This follows on the heels of UL's development of a gaming curriculum, the announcement that Ninjaneering was to bring significant resources to Lafayette (partly on the basis of publicly owned fiber) and Doug's notice of the formation of a Louisiana game developers association.
Digital gaming development requires the most advanced technology around and a network capable of moving lots of data around cheaply and quickly is a crucial part of that equation. What Lafayette will soon have in a municipal fiber network will seriously reduce the barriers to entry for small shops of independent developers. Large projects can be broken up and farmed out in parts to specialty shops. There will be no need to bring everyone together in a single warehouse somewhere, working for a single employer, in order to gain the benefits of a fast intranet. Lafayette will be that fast intranet. LUS' fiber net may well be fast enough to support distributed rendering over the public net at a reasonable price. That would further lower the hardware barriers to entry, allowing an savvy tech guy to put together a killer render farm to serve the entire community of developers.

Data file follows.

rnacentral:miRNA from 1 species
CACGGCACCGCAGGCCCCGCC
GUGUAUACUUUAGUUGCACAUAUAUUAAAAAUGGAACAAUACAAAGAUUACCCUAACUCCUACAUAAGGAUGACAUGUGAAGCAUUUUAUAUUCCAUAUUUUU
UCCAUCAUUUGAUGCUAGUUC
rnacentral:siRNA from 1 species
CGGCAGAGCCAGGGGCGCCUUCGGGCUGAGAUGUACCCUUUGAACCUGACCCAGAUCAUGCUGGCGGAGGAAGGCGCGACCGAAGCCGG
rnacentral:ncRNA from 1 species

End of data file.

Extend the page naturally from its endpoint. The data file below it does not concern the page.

This has the potential to be big business for Lafayette--by enabling a large number of small, innovative, young "garage" developers. Business that would not be available without cheap, fast, community-owned infrastructure.
From the story:
"A lot of kids out there who have started early thinking about their careers, would love to be game designers, programmers, artists, independent developers,' Zuzolo said. 'But they really don't have any idea, other than what they talk about with their friends or what's on the Internet, about how to go about that career path."